How to immigrate to Germany?

About 2,600 nationals of Afghanistan who are endangered due to the situation in their country will be granted German residence permits, the German authorities have announced.

Most vulnerable persons, as well as those who worked for different companies and organisations in Germany before the Taliban takeover, will be part of the group of persons that will be granted residence permits in Germany.

In line with the data provided by the German newspaper, Deutsche Welle, a spokesperson from the foreign office, has claimed that the country has the responsibility to protect those who are currently waiting for their visa.

According to the German authorities, Afghans who are on the list of persons that will be granted the German residence permit are not required to apply for asylum. In addition, it has been mentioned that after obtaining a residence permit, such a document will be valid for three years.

During this three-year period, recipients of the permits will be able to bring their family members to the country. Consequently, children and other family members of those who receive a German residence permit will also be eligible to get such a document, Germany-Visa.org reports.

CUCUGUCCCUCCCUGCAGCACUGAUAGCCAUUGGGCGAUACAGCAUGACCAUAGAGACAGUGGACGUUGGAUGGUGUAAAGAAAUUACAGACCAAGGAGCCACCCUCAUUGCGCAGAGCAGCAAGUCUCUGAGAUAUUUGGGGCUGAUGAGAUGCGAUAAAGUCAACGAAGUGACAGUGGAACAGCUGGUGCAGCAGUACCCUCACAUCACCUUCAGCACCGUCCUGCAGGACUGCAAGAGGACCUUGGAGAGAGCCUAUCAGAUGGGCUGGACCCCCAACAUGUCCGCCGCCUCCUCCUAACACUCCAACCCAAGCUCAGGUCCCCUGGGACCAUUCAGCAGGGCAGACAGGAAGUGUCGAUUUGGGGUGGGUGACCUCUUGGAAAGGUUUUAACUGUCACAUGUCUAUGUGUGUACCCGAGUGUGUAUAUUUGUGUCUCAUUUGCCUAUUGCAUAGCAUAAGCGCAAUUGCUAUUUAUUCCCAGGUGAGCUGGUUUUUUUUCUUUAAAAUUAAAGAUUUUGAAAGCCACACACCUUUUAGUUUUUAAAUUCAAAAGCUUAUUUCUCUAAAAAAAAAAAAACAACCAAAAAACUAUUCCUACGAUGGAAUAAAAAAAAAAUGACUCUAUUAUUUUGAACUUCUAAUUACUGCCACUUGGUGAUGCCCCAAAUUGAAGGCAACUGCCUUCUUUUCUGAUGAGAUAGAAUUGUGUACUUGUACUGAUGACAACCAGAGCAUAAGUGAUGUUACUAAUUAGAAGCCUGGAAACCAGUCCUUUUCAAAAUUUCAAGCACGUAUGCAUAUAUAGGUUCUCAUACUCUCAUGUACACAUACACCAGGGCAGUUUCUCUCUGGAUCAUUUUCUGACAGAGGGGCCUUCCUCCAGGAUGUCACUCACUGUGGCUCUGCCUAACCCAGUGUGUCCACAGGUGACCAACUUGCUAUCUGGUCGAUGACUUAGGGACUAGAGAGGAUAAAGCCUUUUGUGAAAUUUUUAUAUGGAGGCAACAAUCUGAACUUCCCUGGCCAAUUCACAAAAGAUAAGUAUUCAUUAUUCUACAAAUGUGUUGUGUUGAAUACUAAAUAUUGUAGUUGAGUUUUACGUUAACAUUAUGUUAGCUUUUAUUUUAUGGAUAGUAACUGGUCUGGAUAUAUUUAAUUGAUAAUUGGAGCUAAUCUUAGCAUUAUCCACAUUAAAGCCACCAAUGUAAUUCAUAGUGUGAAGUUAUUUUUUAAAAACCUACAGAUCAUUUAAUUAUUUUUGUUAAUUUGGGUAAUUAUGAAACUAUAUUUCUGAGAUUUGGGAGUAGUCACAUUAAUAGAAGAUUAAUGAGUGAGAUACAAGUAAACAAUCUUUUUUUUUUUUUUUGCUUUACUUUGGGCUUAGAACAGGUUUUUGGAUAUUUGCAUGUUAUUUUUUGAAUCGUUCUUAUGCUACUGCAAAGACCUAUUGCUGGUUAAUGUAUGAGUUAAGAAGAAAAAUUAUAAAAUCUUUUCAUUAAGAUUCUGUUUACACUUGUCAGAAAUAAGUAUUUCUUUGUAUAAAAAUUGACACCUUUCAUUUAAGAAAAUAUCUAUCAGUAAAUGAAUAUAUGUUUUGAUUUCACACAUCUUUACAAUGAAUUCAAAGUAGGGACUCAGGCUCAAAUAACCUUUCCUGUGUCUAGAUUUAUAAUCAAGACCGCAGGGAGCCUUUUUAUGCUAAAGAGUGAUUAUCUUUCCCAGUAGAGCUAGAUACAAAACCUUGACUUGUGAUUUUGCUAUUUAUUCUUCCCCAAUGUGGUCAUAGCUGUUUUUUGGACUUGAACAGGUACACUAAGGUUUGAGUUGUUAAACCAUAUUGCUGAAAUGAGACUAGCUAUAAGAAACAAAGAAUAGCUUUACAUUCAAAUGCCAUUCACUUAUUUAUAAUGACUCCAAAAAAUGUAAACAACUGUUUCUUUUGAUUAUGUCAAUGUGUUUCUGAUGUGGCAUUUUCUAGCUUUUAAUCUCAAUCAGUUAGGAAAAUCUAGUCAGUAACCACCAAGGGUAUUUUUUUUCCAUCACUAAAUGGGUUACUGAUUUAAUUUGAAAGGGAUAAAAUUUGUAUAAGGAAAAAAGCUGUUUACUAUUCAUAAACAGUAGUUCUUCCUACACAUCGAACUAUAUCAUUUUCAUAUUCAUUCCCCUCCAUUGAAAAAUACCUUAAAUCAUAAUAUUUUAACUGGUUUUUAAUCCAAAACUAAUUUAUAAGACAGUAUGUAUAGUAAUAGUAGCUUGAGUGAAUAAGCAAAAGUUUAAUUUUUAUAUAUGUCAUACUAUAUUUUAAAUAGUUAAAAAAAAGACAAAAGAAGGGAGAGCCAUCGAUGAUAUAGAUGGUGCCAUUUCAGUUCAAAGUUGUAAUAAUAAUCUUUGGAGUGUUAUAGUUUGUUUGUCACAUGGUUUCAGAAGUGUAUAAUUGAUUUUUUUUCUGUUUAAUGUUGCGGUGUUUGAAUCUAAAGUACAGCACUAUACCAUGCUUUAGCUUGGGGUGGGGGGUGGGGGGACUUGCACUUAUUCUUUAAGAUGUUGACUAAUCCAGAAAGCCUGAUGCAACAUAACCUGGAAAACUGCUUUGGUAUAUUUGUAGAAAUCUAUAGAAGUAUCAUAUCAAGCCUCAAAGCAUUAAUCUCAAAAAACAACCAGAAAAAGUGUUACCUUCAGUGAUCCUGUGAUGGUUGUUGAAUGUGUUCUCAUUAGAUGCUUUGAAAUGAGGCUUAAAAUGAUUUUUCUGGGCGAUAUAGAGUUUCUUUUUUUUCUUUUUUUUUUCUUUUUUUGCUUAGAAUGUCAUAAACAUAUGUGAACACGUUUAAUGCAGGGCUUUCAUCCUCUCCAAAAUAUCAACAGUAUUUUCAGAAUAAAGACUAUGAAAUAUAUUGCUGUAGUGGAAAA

Apart from the 2,600 residence permits that will be granted to the Afghan nationals, it has been revealed that around 4,000 others who have to get together with their families that are currently in Germany are currently trapped in Afghanistan. This is happening since it is taking longer than expected to process their permits.

Similar to Germany, the authorities of the United Kingdom had also previously announced that they would give permission to around 5,000 Afghans to settle in its territory by the end of 2021.

Earlier in August, the European Asylum Support Office (EASO) disclosed that the applications lodged for asylum by Afghans in EU countries during June exceeded the level of the pre-pandemic period, registered during 2019.

The same revealed that during that month, 6000 applications were filed by nationals of Afghanistan. Thus, this marked a significant increase since about 1,000 applications were lodged every month last February.

Previously, to keep the situation under control, the German authorities took the decision to temporarily suspend deportations of rejected asylum seekers back to Afghanistan due to concerns over the safety of this group of people.

Concerning the issue, Horst Seehofer, the Minister of Interior of Germany, said that since the situation in Afghanistan is changing continuously, they can’t be sure if it would be safe to send asylum seekers back to the country.